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TitreDisaster Scenarios to Guide Decisions in Emergency and Land-use Risk Reduction
AuteurHastings, N; Journeay, J M; Nastev, M; Prieto, J; Struik, L C; Wagner, C; Chow, W; Wojtarowicz, M; Ulmi, M
SourceCanadian Risk and Hazards Network 9th Annual Symposium abstracts; 2012 p. 19
Année2012
Séries alt.Secteur des sciences de la Terre, Contribution externe 20120430
Réunion9th Canadian Risk and Hazards Network Symposium; Vancouver; CA; Octobre 24 - 26, 2012
Documentlivre
Lang.anglais
Mediapapier
Sujetsutilisation du terrain; géologie de l'ingénieur
ProgrammeQuantitative risk assessment, Géoscience pour la sécurité publique
Résumé(disponible en anglais seulement)
We explore the creation and use of realistic model earthquake, flood and hurricane disaster scenarios for disaster risk reduction in the fields of managing emergencies and landuse. The scenarios are derived using the Hazus-MH loss estimation tool created by the US Federal Emergency Management Agency (FEMA) in conjunction with other tools and methods. Natural Resources Canada (NRCan) and collaborative partners through a formal agreement with FEMA are adapting and sharing the Hazus methodology and outreach for Canada. These tools are based on state of the art scientific and engineering knowledge and provide robust and standardized methods for estimating disaster extent from measures of the losses of physical assets, lives, and related social, economic and environmental consequences. Understanding potential disaster consequences is key to satisfying many existing requirements in land-use and emergency management. It is the fundamental to understanding disaster risk. Methods are being tested and evaluated through targeted case studies in several Canadian provinces. We show two ways to integrate disaster scenario knowledge into existing planning and emergency management tools.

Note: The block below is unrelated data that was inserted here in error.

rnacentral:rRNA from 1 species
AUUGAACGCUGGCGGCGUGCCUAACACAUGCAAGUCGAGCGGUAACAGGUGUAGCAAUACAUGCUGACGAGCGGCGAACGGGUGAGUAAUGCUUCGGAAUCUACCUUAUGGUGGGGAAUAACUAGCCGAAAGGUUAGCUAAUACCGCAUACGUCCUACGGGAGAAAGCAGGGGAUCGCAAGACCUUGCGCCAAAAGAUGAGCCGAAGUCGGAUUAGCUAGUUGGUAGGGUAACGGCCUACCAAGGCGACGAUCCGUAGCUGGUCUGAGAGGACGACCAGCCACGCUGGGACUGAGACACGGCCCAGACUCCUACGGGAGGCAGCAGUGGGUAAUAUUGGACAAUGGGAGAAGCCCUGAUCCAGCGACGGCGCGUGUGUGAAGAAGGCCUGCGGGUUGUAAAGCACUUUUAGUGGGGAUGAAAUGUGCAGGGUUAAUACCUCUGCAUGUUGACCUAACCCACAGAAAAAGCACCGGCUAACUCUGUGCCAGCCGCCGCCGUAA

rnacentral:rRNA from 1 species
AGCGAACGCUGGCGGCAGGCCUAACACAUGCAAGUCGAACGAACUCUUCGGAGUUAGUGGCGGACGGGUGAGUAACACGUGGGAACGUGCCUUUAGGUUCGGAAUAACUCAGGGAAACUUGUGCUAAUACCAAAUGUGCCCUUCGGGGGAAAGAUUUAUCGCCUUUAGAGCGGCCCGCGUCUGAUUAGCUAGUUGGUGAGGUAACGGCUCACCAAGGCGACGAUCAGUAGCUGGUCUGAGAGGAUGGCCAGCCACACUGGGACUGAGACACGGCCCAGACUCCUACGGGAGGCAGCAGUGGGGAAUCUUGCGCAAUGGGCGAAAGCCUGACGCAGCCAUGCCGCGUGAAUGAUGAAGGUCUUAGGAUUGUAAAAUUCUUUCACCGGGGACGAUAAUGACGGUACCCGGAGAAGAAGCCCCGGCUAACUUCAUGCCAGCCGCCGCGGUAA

Résumé(Résumé en langage clair et simple, non publié)
L'Affiche à montré comment les résultats de Hazus, un outil de logiciel avec la capabilité à faire un estimation des pertes d'un catastrophe, peuvent être visualisées avec des outiles des gestionnaires des urgences et des planificateurs urbanistes.
GEOSCAN ID292321